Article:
What about the bottom? The bottom I see 3 3, which is 9. The inside term is 15i. The outside term, notice, is -15i. So 15i - 15i, they cancel. That was the whole point of this, by the way. And the last times the last is -5i2, but remember i2 = -1, so I see -5 -1, which is a plus 5. Notice the denominator now is a real number. That was the whole point of this exercise is to divide this into it and have no i's in here. So I multiply top and bottom by the conjugate.
Let's now reduce this a little bit, if we can simplify it and put it together. The real parts that produce a 17, the imaginary parts, -20i + 3i = -17i, divided by - and then, let's see, let's make sure I did it correctly. So I've got 17 and then if I take 20 and I subtract 3, let's see what happens here. Now, there's a problem, let's see if we can figure it out here. No, there's no problem here, but look what I wrote here. You might have seen this even earlier on. Oh, boy! You know, making mistakes is fine, but you've got to always be careful. I took this times this and I talked through it and I said that - this is -25 i2. I think I said -5. I forgot to multiply this by this. Sorry about that. This is wrong, this is completely wrong. You know what I'm going to do, in fact? I'm so embarrassed by this that I don't want you to even look at that anymore. Let's just cover it up. I don't even want to patch that up. I just want you to not even think about it, because that was wrong. It shouldn't have been 5, it should be 25, because it's this times this, which is a -25i2, which is plus 25. But it's good for you to see that everyone makes mistakes, especially me.
The top is fine, and if I take 9 and I add 25, I get something like 34? Oh, I can factor a 17 out of the top and I'm left with . And look, 34, I can cancel the 17 and the 34 and that leaves me with , which I could write this way. Some people like to write these things this way, because then you can see the real part is and the imaginary part is . So you could break up that fraction and write it that way.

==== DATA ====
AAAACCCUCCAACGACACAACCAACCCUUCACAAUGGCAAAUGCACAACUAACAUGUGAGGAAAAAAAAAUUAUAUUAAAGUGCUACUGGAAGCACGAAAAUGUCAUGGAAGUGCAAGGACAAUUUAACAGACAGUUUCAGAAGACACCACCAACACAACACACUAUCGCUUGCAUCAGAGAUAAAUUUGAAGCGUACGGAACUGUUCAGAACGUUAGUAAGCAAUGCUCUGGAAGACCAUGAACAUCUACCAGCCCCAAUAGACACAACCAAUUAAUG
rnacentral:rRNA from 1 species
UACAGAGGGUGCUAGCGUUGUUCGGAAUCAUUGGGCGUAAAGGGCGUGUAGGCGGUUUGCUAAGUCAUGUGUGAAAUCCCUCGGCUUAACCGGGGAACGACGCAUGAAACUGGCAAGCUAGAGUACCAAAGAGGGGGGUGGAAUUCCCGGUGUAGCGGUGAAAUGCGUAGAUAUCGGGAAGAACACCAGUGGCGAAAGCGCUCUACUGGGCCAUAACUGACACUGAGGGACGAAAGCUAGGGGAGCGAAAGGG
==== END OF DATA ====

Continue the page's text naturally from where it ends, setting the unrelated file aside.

Okay, let's try another one, so you can get the hang of this. In fact, let me let you try this one, . I want you to do that division, see what you can get. Remember the trick is to multiply by the conjugate. I wonder what the conjugate would look like here? Okay, you try.
Okay, well, what can you do here? If you multiply top and bottom by the conjugate, you could think of this as actually 0 + i. So you'd want to multiply top and bottom by 0 - i and that would be the conjugate. In fact, in this problem, it turns out to be so easy. You can just multiply top and bottom by i, if you wanted to, but just to be consistent, even though that would be perfectly fine and, if I were in private, I would do that, I'll multiply top and bottom by the conjugate.
So the conjugate of i is actually -i. And if I do that, what do I see? Well, I have to distribute now. Everything has to get hit with that thing. I don't need to foil now, because it's such a simple thing on top, so I'd see -6i, and then, let's see, a minus and a plus is a -i2, so a -i2 is a minus -1, which is a plus 1. And on the bottom I'm left with an i i = i2, so that's -i2, but -i2 is minus -1, which is 1. So, in fact, this just turns out to be 1 - 6i. So that one was not too bad to compute. Let's try one last one together.
Let's find the reciprocal of 2 + i. So that means I'm looking for . How would you do that? Well, I'll give you a chance to do it right now. So see if you can figure out what the reciprocal of 2 + i is.
Well, the key is to just multiply top and bottom by the conjugate of the denominator. It won't change the value, but it will allow us to figure out what that number is. So that would be 2 - i, top and bottom. On the top, that's pretty easy. It's just 2 - i. On the bottom 2 2 = 4. Then I have an inside term of 2i and an outside term of -2i and they cancel. That's always supposed to happen. If you're multiplying by the correct conjugate and do the multiplication correctly, you should, in fact, always get those middle terms, outside and such terms, to drop out. The last term is going to be a -i2, which is going to be plus 1. So we see . That's fine, but if you really want to be careful with the real part, you can break that up into two little fractions. It would look like this; you would see , because if you combine them, the 5's are the same, I just combined the tops. And so I see 2 - i.
So, in fact, the reciprocal of 2 + i is this. That's sort of weird. What that means is if I take this number and multiply it by 2 + i, I should get 1, because this is the flip of this. And you do, and you can work it out and try it.
Anyway, that's all there is to dividing and conquering numbers. Just remember that, when they're complex, multiply top and bottom by the conjugate. You know what? It's time for me to go to lunch. See you.
Prerequisites
Complex Numbers
Dividing Complex Numbers Page [2 of 2]